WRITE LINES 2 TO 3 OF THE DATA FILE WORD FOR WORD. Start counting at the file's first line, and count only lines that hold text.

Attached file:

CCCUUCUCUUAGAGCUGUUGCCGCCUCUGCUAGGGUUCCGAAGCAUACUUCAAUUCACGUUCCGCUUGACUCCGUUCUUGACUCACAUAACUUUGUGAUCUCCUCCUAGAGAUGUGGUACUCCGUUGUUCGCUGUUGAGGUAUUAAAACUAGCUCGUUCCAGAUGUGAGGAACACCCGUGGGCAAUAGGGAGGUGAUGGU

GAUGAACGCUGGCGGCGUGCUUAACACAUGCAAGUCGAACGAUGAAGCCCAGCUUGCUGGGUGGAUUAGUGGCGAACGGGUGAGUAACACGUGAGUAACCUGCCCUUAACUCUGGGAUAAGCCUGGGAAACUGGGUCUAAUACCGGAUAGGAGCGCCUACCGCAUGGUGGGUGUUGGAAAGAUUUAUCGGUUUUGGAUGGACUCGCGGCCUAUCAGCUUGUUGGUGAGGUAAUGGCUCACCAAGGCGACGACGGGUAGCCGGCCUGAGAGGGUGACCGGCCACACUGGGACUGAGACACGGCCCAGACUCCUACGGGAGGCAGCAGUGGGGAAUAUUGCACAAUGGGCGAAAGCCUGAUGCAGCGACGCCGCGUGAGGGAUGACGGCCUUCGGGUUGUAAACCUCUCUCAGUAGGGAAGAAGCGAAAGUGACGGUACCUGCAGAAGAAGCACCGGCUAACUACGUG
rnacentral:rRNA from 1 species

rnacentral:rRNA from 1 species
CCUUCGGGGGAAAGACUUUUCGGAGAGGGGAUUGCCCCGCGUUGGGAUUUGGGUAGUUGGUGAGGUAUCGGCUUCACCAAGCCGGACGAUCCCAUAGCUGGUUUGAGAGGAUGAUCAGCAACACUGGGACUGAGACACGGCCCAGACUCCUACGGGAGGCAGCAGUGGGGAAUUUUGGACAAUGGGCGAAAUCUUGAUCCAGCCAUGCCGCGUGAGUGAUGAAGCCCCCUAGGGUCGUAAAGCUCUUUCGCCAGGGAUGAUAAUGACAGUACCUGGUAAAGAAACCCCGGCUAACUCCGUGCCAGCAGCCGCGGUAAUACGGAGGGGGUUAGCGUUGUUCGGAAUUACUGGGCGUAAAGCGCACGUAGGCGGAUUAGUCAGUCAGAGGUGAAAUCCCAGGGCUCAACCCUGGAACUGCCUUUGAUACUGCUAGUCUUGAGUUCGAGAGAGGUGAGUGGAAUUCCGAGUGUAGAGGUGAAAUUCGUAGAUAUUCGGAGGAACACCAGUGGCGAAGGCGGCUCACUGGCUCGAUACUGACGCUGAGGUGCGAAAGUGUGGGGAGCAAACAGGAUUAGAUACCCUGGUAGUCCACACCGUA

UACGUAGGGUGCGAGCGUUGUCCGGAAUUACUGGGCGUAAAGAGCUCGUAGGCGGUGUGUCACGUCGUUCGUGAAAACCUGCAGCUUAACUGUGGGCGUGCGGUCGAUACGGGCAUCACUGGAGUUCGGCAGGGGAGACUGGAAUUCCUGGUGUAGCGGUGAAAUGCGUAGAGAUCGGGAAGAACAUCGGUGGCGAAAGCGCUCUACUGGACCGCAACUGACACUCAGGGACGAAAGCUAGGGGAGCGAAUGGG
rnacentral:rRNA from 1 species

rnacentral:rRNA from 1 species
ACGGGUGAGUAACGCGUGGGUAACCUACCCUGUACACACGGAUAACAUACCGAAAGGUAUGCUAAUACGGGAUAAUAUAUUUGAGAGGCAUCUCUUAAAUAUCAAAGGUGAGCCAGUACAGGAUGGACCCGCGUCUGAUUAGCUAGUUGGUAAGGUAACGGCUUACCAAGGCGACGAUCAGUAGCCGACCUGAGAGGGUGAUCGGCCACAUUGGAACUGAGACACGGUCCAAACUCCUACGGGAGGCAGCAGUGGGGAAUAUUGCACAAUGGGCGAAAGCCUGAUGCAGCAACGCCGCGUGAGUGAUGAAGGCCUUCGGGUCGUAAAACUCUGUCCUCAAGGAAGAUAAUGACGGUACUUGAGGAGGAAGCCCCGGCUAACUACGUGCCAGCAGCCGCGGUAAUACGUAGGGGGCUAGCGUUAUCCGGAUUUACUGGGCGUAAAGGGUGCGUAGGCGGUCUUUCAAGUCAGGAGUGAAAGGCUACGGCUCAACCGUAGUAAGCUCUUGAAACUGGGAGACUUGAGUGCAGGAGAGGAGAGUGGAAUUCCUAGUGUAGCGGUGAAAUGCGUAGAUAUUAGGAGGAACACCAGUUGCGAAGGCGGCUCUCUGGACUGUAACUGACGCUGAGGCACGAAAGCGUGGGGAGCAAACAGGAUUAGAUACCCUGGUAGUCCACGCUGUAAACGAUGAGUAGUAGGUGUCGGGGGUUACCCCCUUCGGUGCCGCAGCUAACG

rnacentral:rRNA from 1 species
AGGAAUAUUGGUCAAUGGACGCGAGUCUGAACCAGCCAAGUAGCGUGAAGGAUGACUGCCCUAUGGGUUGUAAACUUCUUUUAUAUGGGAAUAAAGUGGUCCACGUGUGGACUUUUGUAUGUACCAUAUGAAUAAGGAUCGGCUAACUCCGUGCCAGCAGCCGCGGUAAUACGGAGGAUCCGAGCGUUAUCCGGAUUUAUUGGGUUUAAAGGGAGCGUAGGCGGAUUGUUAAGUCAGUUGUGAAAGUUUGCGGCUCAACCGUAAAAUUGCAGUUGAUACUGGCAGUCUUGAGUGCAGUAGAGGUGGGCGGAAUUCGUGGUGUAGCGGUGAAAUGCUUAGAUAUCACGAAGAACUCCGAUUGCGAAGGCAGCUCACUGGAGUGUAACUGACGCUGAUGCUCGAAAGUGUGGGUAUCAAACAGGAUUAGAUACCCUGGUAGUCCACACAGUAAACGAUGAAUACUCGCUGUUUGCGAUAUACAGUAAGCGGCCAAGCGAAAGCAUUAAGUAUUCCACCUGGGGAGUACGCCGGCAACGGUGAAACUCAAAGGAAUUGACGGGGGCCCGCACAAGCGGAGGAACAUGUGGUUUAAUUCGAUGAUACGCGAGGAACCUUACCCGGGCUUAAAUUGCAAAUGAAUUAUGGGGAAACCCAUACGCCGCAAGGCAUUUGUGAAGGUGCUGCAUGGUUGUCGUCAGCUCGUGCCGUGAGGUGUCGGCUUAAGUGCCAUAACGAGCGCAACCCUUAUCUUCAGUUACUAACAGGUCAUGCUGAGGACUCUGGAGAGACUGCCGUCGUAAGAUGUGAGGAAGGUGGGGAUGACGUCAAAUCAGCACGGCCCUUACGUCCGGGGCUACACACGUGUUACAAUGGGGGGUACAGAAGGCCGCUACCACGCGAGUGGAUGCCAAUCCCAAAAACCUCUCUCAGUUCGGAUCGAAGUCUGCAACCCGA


GAUGAACGCUGGCGGCGUGCUUAACACAUGCAAGUCGAACGAUGAAGCCCAGCUUGCUGGGUGGAUUAGUGGCGAACGGGUGAGUAACACGUGAGUAACCUGCCCUUAACUCUGGGAUAAGCCUGGGAAACUGGGUCUAAUACCGGAUAGGAGCGCCUACCGCAUGGUGGGUGUUGGAAAGAUUUAUCGGUUUUGGAUGGACUCGCGGCCUAUCAGCUUGUUGGUGAGGUAAUGGCUCACCAAGGCGACGACGGGUAGCCGGCCUGAGAGGGUGACCGGCCACACUGGGACUGAGACACGGCCCAGACUCCUACGGGAGGCAGCAGUGGGGAAUAUUGCACAAUGGGCGAAAGCCUGAUGCAGCGACGCCGCGUGAGGGAUGACGGCCUUCGGGUUGUAAACCUCUCUCAGUAGGGAAGAAGCGAAAGUGACGGUACCUGCAGAAGAAGCACCGGCUAACUACGUG
rnacentral:rRNA from 1 species